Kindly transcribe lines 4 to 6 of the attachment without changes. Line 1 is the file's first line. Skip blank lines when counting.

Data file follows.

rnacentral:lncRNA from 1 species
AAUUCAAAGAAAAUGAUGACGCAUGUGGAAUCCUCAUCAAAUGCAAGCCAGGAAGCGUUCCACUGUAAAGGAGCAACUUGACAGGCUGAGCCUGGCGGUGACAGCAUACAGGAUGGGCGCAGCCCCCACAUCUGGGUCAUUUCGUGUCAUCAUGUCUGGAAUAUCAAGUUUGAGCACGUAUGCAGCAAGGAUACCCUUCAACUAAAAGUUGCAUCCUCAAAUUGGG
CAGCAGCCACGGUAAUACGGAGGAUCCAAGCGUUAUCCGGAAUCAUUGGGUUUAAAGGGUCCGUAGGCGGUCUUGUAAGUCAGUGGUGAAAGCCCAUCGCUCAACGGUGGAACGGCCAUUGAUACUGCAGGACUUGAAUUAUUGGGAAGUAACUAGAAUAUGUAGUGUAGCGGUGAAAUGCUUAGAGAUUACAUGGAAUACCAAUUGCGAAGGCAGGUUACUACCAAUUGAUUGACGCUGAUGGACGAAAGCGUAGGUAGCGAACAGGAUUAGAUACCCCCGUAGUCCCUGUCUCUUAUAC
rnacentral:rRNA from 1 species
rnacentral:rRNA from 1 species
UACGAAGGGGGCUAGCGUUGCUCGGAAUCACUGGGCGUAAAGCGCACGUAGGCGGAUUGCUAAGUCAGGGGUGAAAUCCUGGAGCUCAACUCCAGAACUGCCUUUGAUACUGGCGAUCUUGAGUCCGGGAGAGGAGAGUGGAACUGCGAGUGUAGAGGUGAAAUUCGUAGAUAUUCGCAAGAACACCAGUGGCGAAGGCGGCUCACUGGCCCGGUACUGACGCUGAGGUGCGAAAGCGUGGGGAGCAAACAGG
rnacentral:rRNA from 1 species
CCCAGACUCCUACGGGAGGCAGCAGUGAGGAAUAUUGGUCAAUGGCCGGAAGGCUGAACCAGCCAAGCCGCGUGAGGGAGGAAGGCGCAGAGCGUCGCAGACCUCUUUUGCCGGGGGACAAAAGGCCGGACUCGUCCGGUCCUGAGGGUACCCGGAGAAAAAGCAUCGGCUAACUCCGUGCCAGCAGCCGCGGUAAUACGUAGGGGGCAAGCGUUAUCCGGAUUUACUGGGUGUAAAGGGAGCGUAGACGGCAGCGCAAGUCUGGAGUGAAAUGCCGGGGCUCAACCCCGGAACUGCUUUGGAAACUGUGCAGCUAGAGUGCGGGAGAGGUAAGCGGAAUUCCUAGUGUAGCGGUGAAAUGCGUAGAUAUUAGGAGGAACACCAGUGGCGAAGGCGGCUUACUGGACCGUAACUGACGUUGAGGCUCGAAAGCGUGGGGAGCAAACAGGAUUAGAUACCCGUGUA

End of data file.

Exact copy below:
rnacentral:rRNA from 1 species
rnacentral:rRNA from 1 species
UACGAAGGGGGCUAGCGUUGCUCGGAAUCACUGGGCGUAAAGCGCACGUAGGCGGAUUGCUAAGUCAGGGGUGAAAUCCUGGAGCUCAACUCCAGAACUGCCUUUGAUACUGGCGAUCUUGAGUCCGGGAGAGGAGAGUGGAACUGCGAGUGUAGAGGUGAAAUUCGUAGAUAUUCGCAAGAACACCAGUGGCGAAGGCGGCUCACUGGCCCGGUACUGACGCUGAGGUGCGAAAGCGUGGGGAGCAAACAGG